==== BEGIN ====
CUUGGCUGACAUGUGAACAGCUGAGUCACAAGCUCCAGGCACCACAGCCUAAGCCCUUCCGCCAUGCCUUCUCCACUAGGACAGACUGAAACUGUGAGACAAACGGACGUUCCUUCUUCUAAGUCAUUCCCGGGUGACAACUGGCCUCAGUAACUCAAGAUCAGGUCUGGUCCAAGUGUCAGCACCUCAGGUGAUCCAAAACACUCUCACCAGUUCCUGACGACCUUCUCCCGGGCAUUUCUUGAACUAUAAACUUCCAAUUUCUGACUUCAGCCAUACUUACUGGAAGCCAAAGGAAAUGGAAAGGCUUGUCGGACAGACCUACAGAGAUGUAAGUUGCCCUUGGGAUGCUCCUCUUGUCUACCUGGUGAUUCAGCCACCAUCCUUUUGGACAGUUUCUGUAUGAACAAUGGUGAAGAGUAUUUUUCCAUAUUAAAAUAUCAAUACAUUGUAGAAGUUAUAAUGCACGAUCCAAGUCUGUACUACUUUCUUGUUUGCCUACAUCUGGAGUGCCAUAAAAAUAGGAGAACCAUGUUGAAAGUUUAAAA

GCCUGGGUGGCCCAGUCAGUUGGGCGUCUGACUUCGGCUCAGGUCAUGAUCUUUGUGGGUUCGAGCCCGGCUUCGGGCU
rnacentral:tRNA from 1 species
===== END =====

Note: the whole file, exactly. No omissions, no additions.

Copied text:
CUUGGCUGACAUGUGAACAGCUGAGUCACAAGCUCCAGGCACCACAGCCUAAGCCCUUCCGCCAUGCCUUCUCCACUAGGACAGACUGAAACUGUGAGACAAACGGACGUUCCUUCUUCUAAGUCAUUCCCGGGUGACAACUGGCCUCAGUAACUCAAGAUCAGGUCUGGUCCAAGUGUCAGCACCUCAGGUGAUCCAAAACACUCUCACCAGUUCCUGACGACCUUCUCCCGGGCAUUUCUUGAACUAUAAACUUCCAAUUUCUGACUUCAGCCAUACUUACUGGAAGCCAAAGGAAAUGGAAAGGCUUGUCGGACAGACCUACAGAGAUGUAAGUUGCCCUUGGGAUGCUCCUCUUGUCUACCUGGUGAUUCAGCCACCAUCCUUUUGGACAGUUUCUGUAUGAACAAUGGUGAAGAGUAUUUUUCCAUAUUAAAAUAUCAAUACAUUGUAGAAGUUAUAAUGCACGAUCCAAGUCUGUACUACUUUCUUGUUUGCCUACAUCUGGAGUGCCAUAAAAAUAGGAGAACCAUGUUGAAAGUUUAAAA

GCCUGGGUGGCCCAGUCAGUUGGGCGUCUGACUUCGGCUCAGGUCAUGAUCUUUGUGGGUUCGAGCCCGGCUUCGGGCU
rnacentral:tRNA from 1 species